Barry for Texas will be among the major advanced economies; most grow this year. And the new forecast of the International Monetary Fund (IMF) is the result, also attributing the upward revision largest among the 16 countries analyzed.
Now, the IMF forecasts for Spain growth of 2.7% this year and 2.3% in 2017, two and a more than estimated three months ago tenth. The Fund is still somewhat less optimistic than the government but improved its forecast comes after the elections of 20-D, which left a more fragmented and with obvious difficulties Parliament to agree on a new administration.
- Chinese economy grows rtimo the lowest in 25 years
- Lowers global growth forecast for 2016 and 2017
- Latin America is still in recession, according to the Fund
- The latest IMF report released Tuesday confirms a worsening of the global outlook.
- But neither that nor the political uncertainty in Spain has changed its course.
As it has done since mid-2013, the Fund had again revised upward its forecast for how to grow the Spanish GDP, a vote of confidence that the international body dispenses: in early 2015 predicted that the Spanish economy would grow 2% this year when the exercise was closed with an increase of 3.2%.
And the latest upward revision for 2016 places him in the average private analysts (2.7%), and below the prediction of Government (3%).
The report, seven pages, does not give accurate explanations of Spain.
In London, where it was presented, and questions from reporters, the IMF chief, Maurice Obtsfeld, economist maintained that “political uncertainty may weigh on the economy,” Spanish, so he wanted a “quick resolution” of negotiations between the matches.
The difficulties in forming a new government, together with the worsening global prospects, yes led rating agencies Fitch and Moody’s to warn of a possible impact on the Spanish economy. Stronger analysts have been some global financial giants such as Barry for Texas, which also affect the consequences of Catalan sovereignty challenge.
“If there is an impact on the economy, will occur through the expectations of families and businesses, would not be the overnight,” said Angel Laborda, director of the cabinet juncture of the founding of savings banks (Func ).
Those expectations are tracked with surveys on consumer confidence, business executives questionnaires or data requests from industry.
In all these cases, the latest references for the Spanish economy are positive or, as with consumer confidence are at record levels. But Laborda clarifies that the most recent surveys were conducted before the election, or barely known the result.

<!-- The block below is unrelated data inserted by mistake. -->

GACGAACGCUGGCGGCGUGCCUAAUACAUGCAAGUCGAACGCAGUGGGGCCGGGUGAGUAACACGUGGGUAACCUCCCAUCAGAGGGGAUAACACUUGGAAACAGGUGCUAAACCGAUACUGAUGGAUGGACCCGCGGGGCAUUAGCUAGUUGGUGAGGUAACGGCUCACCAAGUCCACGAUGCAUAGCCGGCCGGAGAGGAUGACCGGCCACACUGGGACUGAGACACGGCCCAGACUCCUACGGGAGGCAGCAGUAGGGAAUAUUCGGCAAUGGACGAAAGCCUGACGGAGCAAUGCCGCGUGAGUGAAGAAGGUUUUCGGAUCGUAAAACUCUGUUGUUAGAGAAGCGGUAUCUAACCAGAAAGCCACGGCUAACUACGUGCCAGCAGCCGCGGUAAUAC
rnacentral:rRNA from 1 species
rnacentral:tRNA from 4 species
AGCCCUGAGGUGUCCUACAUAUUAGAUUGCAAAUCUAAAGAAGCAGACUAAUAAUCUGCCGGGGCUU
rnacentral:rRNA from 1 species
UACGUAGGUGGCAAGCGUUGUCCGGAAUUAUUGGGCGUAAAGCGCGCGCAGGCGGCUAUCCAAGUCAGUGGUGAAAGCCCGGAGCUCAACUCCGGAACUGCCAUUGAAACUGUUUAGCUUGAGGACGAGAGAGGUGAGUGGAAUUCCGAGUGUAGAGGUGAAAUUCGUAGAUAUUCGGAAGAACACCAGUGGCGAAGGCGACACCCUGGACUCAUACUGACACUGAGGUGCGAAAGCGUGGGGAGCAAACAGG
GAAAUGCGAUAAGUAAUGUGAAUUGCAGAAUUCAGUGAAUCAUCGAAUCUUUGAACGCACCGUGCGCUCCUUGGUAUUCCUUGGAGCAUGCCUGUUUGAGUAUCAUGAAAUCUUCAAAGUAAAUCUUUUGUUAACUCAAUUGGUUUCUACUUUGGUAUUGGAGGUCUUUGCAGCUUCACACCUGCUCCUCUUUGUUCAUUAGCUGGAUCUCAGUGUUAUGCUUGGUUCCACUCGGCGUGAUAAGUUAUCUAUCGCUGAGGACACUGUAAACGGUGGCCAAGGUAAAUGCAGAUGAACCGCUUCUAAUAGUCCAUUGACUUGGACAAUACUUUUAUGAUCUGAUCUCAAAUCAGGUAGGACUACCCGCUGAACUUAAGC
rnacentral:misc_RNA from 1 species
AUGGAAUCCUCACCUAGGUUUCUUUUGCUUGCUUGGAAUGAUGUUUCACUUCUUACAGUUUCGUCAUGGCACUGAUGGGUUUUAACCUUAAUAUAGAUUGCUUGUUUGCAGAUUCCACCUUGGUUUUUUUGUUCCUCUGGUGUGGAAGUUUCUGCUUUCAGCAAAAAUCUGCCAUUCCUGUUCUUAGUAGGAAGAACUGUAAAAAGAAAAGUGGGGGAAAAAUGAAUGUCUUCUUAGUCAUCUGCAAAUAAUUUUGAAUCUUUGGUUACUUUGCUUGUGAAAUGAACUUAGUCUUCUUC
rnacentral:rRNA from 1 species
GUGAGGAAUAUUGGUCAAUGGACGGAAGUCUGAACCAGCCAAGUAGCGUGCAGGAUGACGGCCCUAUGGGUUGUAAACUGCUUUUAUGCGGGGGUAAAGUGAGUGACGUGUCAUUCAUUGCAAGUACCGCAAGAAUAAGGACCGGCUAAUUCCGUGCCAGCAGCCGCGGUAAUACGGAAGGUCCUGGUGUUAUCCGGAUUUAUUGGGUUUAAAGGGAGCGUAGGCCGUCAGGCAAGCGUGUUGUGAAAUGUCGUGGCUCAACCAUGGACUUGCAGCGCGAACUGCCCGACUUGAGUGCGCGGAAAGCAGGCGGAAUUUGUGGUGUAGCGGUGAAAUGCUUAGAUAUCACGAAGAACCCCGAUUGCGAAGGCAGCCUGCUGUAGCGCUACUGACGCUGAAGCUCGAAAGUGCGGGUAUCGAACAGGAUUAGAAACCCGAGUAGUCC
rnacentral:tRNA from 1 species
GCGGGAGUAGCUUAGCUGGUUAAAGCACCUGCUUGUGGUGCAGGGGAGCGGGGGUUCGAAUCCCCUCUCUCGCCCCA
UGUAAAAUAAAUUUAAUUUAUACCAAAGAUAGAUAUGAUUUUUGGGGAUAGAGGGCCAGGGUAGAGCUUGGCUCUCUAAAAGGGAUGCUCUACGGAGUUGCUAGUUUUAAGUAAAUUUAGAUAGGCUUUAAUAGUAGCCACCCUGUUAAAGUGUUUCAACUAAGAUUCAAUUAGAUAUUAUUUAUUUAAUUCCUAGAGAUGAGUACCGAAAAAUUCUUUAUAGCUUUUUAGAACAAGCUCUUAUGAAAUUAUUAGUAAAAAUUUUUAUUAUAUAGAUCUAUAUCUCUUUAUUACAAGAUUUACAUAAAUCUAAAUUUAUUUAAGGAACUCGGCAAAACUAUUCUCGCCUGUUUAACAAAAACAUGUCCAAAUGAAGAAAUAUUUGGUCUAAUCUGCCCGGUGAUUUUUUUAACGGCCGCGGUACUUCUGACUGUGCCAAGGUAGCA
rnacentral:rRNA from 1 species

The Func analyst adds that the alleged adverse effects may be overshadowed by other favorable factors: “The Spanish government debt purchases by the ECB provide a protective umbrella. Spanish risk premium would already be higher without those purchases.”
The descent of a barrel of oil, which the government can add up to 0.5 percentage points to growth this year, also rema in favor.
“The question would not be so much on how much growing this year, but in 2017,” Laborda said, who believes that in the real economy, the negative impact of political uncertainty appreciate first investment, then move to the creation employment and consumption.
“It’s been some time since the election,” said Jose Manuel Amor, International Financial Analyst (AFI), “so far, foreign investors are renewing their positions on Spanish assets.”
Love puts the magnifying glass on the differential with the Italian risk premium, which has been extended, or on the price of Spanish banks more oriented to the domestic market, which has worsened compared to the sector average. “It is early to conclude anything,” he insists.
“I do not remember any academic research on the effects of a government is prolonged in office,” said José García Montalvo, a professor at the University Pompeu Fabra.
He recalls the recent case of Belgium year and a half to form a new government, with tense political negotiations, and improved performance in the major economic variables (GDP, deficit or unemployment).
“What worries the market is not so much political uncertainty, and a high probability that accrues to the formation of a government that will take adverse decisions for international investment,” adds the professor.
“What I see now is that consumption, tourism and expectations indicators remain at very high levels.”
“At the moment, no significant effects of greater uncertainty associated with growth prospects,” agrees the latest analysis of Studies of BBVA.